Traders also store oil in floating tankers, but here too, those levels are down 25 percent from their high in the middle of 2017.

"Storage at sea has dropped, which is what you would expect because the market is in backwardation, which disincentivizes storage, be it onshore or offshore," said Matt Smith, director of commodity research at ClipperData

So are oil prices "artificially Very High"?

That's up for debate.

Trump's accusation may have been fueled by recent reports that Saudi Arabia would like oil prices to rise to $80 to $100 a barrel. Those higher prices would support the planned stock market debut of the kingdom's energy giant, Saudi Aramco, industry sources who spoke to Saudi officials told Reuters and Bloomberg.

Some analysts are doubtful that's official Saudi policy, but the reports have fueled speculation that the Saudis will lobby against winding down the production deal even if that's what's best for the market. That could cause prices to spike as the world's appetite for oil outstrips supply.

But if Trump is criticizing the OPEC deal itself, that would make him something of an outlier. The market generally sees the agreement as a necessary measure that stopped a devastating price crash. OPEC is viewed less as a manipulator and more of a manager.

It's worth noting that Trump and his polices are at least partially responsible for oil prices hitting their highest levels in more than three years in recent weeks. His decision to launch air strikes in Syria this month contributed to geopolitical tension in the Middle East. His threat to restore sanctions on Iran next month has also raised fears about supply disruptions from OPEC's third biggest producer.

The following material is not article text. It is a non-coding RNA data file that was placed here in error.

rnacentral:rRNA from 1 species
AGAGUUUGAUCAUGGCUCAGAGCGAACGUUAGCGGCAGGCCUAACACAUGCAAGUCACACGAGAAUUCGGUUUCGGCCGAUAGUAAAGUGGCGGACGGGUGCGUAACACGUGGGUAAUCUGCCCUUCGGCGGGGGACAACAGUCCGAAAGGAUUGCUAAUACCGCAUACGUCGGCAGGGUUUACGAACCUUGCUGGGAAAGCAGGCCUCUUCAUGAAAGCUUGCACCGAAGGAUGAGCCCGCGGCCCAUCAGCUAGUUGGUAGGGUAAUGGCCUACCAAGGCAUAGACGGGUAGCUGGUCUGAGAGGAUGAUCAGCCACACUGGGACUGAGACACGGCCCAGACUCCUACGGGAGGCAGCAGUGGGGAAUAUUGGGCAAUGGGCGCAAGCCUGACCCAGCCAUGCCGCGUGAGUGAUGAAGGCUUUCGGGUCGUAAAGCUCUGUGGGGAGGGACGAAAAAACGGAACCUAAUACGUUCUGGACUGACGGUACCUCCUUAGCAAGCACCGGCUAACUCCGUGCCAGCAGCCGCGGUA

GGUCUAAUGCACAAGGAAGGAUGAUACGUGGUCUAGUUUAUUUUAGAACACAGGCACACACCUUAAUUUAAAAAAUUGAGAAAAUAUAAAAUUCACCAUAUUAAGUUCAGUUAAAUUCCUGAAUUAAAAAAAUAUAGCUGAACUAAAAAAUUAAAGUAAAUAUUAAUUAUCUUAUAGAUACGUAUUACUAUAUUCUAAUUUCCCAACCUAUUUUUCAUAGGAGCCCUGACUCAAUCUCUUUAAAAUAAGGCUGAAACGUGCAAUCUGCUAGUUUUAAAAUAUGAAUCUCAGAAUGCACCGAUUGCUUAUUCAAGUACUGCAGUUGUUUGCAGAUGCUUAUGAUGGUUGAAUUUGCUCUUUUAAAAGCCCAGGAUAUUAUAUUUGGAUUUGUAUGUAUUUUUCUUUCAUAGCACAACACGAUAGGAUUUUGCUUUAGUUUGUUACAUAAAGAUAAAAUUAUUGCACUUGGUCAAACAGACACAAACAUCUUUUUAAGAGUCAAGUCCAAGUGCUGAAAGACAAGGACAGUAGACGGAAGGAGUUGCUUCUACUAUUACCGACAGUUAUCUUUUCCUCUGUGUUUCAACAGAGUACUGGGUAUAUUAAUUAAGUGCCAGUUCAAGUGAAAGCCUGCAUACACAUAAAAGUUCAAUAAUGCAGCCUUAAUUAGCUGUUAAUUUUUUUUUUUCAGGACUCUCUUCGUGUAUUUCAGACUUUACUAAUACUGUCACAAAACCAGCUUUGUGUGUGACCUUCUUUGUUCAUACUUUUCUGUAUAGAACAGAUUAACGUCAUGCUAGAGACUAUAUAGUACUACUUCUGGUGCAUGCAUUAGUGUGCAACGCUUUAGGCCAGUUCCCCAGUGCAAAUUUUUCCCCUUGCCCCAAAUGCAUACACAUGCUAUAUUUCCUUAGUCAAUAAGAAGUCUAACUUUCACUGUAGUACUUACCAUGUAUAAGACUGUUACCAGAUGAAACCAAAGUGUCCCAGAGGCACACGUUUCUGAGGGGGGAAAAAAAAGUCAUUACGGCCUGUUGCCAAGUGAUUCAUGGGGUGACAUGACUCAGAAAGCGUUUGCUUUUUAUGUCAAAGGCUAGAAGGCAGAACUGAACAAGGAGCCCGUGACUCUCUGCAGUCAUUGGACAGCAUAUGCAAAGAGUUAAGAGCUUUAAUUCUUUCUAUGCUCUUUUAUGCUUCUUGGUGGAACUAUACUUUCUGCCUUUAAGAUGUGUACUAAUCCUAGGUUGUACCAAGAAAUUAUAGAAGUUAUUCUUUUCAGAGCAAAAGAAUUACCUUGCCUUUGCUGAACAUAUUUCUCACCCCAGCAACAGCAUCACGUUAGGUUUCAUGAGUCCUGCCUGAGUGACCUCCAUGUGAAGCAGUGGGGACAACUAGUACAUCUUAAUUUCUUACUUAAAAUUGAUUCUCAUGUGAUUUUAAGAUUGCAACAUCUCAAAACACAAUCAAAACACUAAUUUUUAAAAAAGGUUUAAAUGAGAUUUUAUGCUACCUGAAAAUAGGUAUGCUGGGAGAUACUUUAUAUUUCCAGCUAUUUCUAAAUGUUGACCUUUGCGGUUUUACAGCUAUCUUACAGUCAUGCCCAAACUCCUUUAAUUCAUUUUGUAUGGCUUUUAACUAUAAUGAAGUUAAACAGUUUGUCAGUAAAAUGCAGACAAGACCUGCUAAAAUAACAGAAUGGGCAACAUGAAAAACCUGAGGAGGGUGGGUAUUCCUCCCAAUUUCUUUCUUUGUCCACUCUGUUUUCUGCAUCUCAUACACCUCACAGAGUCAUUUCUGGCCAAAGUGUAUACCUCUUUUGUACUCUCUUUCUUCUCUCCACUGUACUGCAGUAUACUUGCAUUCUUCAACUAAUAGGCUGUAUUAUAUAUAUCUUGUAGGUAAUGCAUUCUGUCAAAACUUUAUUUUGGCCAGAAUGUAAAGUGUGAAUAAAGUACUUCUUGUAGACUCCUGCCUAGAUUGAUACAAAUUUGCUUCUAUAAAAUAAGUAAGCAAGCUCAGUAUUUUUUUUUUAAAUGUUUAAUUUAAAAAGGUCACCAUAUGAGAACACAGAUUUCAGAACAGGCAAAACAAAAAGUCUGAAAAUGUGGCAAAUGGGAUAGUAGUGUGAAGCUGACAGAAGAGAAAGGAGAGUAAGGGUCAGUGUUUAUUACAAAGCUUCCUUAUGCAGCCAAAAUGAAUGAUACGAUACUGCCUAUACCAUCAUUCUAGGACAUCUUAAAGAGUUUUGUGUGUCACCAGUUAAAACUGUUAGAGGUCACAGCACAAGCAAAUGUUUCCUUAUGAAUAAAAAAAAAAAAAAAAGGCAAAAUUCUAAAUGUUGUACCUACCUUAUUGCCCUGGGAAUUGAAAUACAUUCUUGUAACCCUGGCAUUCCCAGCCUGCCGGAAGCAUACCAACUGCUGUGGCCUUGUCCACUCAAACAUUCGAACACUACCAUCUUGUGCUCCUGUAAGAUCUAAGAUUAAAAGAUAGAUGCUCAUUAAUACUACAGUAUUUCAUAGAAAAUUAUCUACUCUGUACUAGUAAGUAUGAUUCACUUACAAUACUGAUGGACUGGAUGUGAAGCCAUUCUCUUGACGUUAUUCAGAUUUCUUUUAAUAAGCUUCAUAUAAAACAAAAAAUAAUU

Is OPEC's price support "No good"?

That depends on who you ask.

Oil-producing nations and energy companies surely welcome higher oil prices, which have stabilized their finances and returned many drillers to profit after years of pain.

But the rebound means higher prices at the pump. A gallon of regular gasoline is currently fetching an average $2.75 at U.S. filling stations, up from $2.42 a year ago, according to AAA.

However, there's an argument to be made that the best thing for both consumers and producers is stability. Sky-high oil prices hurt consumers and ultimately shrink demand for fuel, while super low prices discourage energy companies from making investments in future production, which can lead to undersupply and price spikes.

OPEC's action "will not be accepted": What can Trump do?

Unlike many oil-producing nations, the U.S. government can't tell drillers how much to produce. That means Trump can't ask companies to flood the market to offset OPEC's production cuts. Even if he could, American drillers are already pumping at all-time highs.

The Trump administration has developed a close relationship with Saudi Crown Prince Mohammed bin Salman, so it's possible he will appeal directly to the kingdom to change its policy.

The U.S. president also controls the Strategic Petroleum Reserve, a stockpile of emergency crude supplies that currently stands at 665.5 million barrels. The government sometimes sells oil from the reserve to raise revenue, but it would be unprecedented for a sitting president to threaten to use the SPR as a weapon.